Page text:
Yu, T., Koppetsch, B.S., Pagliarani, S., Johnston, S., Silverstein, N.J., Luban, J., Chappell, K., Weng, Z., and Theurkauf, W.E. (2019). The piRNA Response to Retroviral Invasion of the Koala Genome. Cell. is online today!!!
Fruit fly researcher Bill Theurkauf, our neighbor here in the Program in Molecular Medicine at UMass Medical School, along with UMass Med bioinformatics guru Zhiping Weng, has been studying the mechanisms by which piRNAs are generated in the germ cells of Drosophila. It is believed that the piRNAs are a sequence-specific defense system that protects the germ cell genome from DNA-damage caused by jumping genes like endogenous retroviruses. Similar piRNAs are found in mice and humans, and it is important to remember that 8% of the human genome is composed of retrovirus sequence.
Bill heard that there was an epidemic in Koalas caused by KoRV-A, a retrovirus that causes an immunosuppressive illness with parallels to AIDS. What caught Bill’s interest was the fact that, unlike HIV-1, KoRV-A was not only transmitted horizontally, but also vertically through the germline.
As described in a manuscript that was published today, Bill then teamed up with colleagues in Brisbane to determine whether the germ cells of infected Koalas generated piRNAs specific for KoRV-A. Indeed they do, though, unlike “mature” piRNAs, the piRNAs targeting KoRV-A were only + sense-stranded. This suggests that the piRNA system was acting as an antiviral system that acts directly on the KoRV-A transcripts to degrade them.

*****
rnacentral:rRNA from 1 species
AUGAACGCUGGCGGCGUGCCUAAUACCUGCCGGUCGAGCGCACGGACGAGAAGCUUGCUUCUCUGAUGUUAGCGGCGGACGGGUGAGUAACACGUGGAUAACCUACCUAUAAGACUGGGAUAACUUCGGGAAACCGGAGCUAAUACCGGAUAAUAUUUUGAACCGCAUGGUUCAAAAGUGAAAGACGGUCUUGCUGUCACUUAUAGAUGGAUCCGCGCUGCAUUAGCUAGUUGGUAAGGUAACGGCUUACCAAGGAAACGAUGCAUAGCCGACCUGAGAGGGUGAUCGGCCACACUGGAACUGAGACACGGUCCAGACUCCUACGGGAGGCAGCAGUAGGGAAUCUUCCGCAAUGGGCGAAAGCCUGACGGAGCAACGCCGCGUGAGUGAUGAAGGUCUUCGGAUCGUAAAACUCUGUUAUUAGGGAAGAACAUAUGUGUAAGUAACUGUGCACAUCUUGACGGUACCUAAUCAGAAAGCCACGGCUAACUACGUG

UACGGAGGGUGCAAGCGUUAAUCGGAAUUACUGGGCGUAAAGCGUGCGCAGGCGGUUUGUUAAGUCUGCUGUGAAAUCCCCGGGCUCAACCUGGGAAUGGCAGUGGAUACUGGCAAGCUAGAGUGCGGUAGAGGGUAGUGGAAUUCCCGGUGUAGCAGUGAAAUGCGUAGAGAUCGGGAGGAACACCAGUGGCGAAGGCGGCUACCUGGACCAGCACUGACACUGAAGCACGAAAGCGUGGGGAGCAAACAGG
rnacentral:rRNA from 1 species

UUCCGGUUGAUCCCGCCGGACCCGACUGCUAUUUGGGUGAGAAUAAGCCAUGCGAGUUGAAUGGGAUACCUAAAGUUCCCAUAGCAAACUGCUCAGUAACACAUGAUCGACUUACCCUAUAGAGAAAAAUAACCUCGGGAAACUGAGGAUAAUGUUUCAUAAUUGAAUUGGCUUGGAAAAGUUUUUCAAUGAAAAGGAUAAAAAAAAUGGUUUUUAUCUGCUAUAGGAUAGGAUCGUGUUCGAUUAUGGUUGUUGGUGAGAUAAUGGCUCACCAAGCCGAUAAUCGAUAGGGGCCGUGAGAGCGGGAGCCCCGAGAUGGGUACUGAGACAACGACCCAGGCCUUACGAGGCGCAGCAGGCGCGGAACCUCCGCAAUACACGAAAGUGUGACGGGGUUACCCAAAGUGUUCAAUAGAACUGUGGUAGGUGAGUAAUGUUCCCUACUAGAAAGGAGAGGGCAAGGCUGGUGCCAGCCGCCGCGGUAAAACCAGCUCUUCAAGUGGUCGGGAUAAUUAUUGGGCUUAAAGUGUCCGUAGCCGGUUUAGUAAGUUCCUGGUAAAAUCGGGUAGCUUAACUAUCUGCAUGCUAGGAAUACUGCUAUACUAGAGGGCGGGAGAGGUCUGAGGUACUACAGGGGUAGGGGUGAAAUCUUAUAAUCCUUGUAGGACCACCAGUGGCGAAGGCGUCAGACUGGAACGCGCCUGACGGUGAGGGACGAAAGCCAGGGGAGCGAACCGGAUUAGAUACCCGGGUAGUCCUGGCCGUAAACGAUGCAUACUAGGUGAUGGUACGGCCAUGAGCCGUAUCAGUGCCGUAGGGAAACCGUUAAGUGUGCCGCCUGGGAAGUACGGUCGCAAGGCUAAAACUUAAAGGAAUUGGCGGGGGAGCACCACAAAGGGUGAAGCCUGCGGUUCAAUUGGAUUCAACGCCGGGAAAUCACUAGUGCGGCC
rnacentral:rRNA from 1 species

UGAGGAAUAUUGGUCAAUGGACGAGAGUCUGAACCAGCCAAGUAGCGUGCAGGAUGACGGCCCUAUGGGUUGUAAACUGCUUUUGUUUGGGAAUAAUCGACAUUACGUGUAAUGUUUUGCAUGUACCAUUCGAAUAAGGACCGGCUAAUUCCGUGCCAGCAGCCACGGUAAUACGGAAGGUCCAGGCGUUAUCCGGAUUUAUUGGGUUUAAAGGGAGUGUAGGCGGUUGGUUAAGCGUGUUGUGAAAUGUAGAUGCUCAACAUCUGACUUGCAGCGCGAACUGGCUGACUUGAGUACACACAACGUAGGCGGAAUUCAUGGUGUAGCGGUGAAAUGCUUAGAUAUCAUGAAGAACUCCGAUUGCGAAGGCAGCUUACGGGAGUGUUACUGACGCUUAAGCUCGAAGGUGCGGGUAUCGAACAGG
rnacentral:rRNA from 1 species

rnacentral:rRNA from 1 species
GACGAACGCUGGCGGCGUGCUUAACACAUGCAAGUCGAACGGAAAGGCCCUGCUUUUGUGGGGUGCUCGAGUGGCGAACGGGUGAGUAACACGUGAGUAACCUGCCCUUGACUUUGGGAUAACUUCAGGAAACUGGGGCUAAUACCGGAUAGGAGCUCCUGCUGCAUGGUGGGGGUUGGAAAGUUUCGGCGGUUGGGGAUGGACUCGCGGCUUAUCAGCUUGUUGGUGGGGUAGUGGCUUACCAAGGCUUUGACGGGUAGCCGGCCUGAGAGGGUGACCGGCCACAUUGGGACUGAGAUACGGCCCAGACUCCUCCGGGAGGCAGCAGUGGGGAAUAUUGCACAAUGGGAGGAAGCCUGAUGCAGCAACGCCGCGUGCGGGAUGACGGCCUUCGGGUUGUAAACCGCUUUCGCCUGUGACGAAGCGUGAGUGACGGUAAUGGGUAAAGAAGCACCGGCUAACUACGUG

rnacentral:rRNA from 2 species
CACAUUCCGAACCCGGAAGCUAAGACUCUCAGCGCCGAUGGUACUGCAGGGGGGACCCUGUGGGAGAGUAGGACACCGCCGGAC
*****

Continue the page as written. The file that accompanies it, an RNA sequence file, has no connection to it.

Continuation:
Another interesting detail is that only unspliced KoRV-A transcripts were detected among the piRNAs, despite 5-fold higher levels of the spliced transcripts. This suggests that the unspliced transcript, a molecular feature typical of all retro-elements is a PAMP, or danger signal, that is recognized by our cells antiviral machinery. Similar ideas about unspliced transcripts from retroelements have been reported by the lab of Hiten Madhani regarding siRNAs in Cryptococcus, and, separately, by the Gummuluru Lab and by the Luban Lab concerning unspliced transcripts of HIV-1 in human immune cell types.
Noah Silverstein, graduate student in the Luban Lab, contributed to the piRNA manuscript by identifying and collecting mouse strains bearing endogenous retroviruses in their genome that are close cousins to KoRV-A. Like the koalas, these mice also generated +-stranded piRNAs in their germ cells.
The Theurkauf, Weng, and Luban Labs here at UMass Medical School, along with our Brisbane colleagues Johnston and Chappell, will continue working to address the many questions that remain to be answered about these piRNAs targeting retroviruses that are newly integrated into the mammalian genome.
Our paper is covered in an article in the New York Times, on the website for UMass Medical School, and on local TV in Brisbane.